Above Cubs, scouts and parents from Bairnsdale Scout Group on the Mitchell River after planting more than 300 seedlings on National Tree Day in 2014.
Bairnsdale Urban Landcare Group Inc (BULG) works along the north and south banks of the Mitchell River that flows through the town of Bairnsdale. We acknowledge the original owners and managers of this land – the Gunaikurnai people. The early European settlers removed most of the native vegetation along the river and by the 1990s the lower Mitchell River was lined with imported plants including suckering poplars, swathes of blackberries plus the odd fruit tree.
BULG formed in 1999 following concerns from residents about the badly degraded state of the Mitchell River and its environs. Our group’s area stretches for two kilometres either side of the river, a total of about 135 hectares. Community engagement has been one of our core activities from our first working bee to clean up rubbish to our 20th birthday celebrations in 2019.
BULG has donated more than $100,000 of grant funds to the local council to facilitate poplar removal and redevelop the 5.4 kilometre walking track along the Mitchell River. The track is now a popular tourist and community destination and attracts thousands of visitors each year.
In 2003 the group divided the north bank of the river into 20 sites and asked for community groups to adopt
a site for two years.
Many schools, local businesses and Landcarers signed up and more than 35,000 trees and shrubs have now been planted across the sites. This has created habitat for the increasing number of native birds, insects and animals in the area.
In 2015 BULG worked with two other urban Landcare groups on an art project organised by the East Gippsland Art Gallery. We were paired with a local artist who, after some research, produced an artwork for the riverbank that reflected the area and was sympathetic to our Landcare philosophy.
In 2016 the local open garden scheme included BULG’s projects in their list of sites to visit – the first time a Landcare group had been invited to participate.
National Tree Day is always a big event for BULG with up to 80 cubs, scouts and parents joining Landcare members to plant, guard, water and mulch 400 to 500 seedlings in the ever-expanding scout plot on the north bank of the river. We have been working with the scouts for almost 10 years and have assisted scouts with their Landcare badges and the necessary volunteer work needed for the Duke of Edinburgh Award.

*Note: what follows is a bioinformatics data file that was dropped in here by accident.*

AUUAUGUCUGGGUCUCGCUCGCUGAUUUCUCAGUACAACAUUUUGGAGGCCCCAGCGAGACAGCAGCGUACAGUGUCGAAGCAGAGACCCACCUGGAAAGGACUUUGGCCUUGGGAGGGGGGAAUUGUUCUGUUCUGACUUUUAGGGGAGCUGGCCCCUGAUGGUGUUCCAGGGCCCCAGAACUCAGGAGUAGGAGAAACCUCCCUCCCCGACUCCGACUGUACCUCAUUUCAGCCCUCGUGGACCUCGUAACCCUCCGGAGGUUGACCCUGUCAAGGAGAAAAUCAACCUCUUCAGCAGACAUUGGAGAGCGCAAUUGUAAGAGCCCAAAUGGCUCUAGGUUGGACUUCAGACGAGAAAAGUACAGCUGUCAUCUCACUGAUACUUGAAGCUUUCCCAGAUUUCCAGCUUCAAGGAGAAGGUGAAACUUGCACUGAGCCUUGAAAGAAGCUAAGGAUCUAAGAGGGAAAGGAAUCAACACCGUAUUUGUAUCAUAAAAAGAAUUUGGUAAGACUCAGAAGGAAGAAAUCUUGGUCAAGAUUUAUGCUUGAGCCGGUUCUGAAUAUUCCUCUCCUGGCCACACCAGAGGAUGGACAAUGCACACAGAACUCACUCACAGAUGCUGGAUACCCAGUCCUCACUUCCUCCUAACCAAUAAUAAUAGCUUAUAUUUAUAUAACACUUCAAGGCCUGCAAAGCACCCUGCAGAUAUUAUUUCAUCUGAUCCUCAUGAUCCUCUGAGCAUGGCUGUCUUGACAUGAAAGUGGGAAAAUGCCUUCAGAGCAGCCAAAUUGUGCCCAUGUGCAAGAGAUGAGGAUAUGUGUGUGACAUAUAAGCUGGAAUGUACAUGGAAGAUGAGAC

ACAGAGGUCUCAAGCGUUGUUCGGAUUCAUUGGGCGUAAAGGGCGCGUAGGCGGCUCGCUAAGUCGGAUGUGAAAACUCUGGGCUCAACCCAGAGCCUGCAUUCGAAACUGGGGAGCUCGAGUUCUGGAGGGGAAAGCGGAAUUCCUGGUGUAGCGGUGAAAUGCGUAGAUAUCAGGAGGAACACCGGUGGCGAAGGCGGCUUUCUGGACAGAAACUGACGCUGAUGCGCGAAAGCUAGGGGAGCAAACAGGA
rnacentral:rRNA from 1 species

Federation Training VCAL students started working with the group in 2016 when they resurrected the old community college site on the north bank of the river. Some students initially admitted they chose Landcare as an escape from the classroom, but they quickly became interested and involved. Their work was rewarded with a regional Landcare award in 2017.
According to former BULG president Ann Robson the students developed a sense of ownership of the work they had done and the seedlings they had planted.
“When some of their newly planted seedlings were stolen the students were quite upset. It was difficult to explain to the students why people stole their plants,” Ann said.
For the past two years the group has been working regularly with VCAL students from Bairnsdale Secondary College. These students have taken responsibility for a site along the north bank and have erected a new sign for their patch. This work is part of the VCAL personal development program which provides opportunities for the students to expand their observational skills, practice problem solving and increase their creativity and team building skills.
BULG, Bairnsdale Scouts and Bairnsdale Secondary College’s VCAL students were nominated for the 2019 Victorian Landcare Awards (in the Junior Landcare Team award category) for their revegetation work. VCAL teacher Sarah Lamble said although they didn’t win, attending the presentation was a fantastic experience.
“The students were proud that their work was recognised by the nomination and they got to see the range of innovative projects that are being developed through Landcare,” Sarah said.
In 2019 BULG began working with Noweyung, an organisation that caters for people with different abilities, and that was keen to include some meaningful environmental activities in its curriculum. BULG members meet with Noweyung participants twice a month for Landcare related activities.
According to BULG president Dan Lambert they soon worked out who liked doing what.
“Sebastian is good at digging holes with the Hamilton Planter, Rachel organises the stakes for the guards, Lauren is a wonder at maintaining the water buckets and Jamie works best when wearing his super hero gardening gloves.
“We had both the VCAL students and Noweyung young adults working together for a few working bees, which was a wonderful experience for all concerned, but unfortunately the college timetable was altered so it’s no longer possible,” Dan said.
BULG works on the basis that a healthy environment is essential for a healthy society and that every individual should have easy access to nature. The group also encourages collaboration, inclusion and partnerships with community groups. This strategy is showing great success and we have no doubt it will continue to do so.
“It is a good opportunity to get out of the classroom and away from the textbooks, and also to do something great for the community along with our future. It’s great and I really enjoy doing it.”
“Helping the environment and climate is better than sitting in a classroom.”
Maxine Semple is secretary of Bairnsdale Urban Landcare Group Inc.
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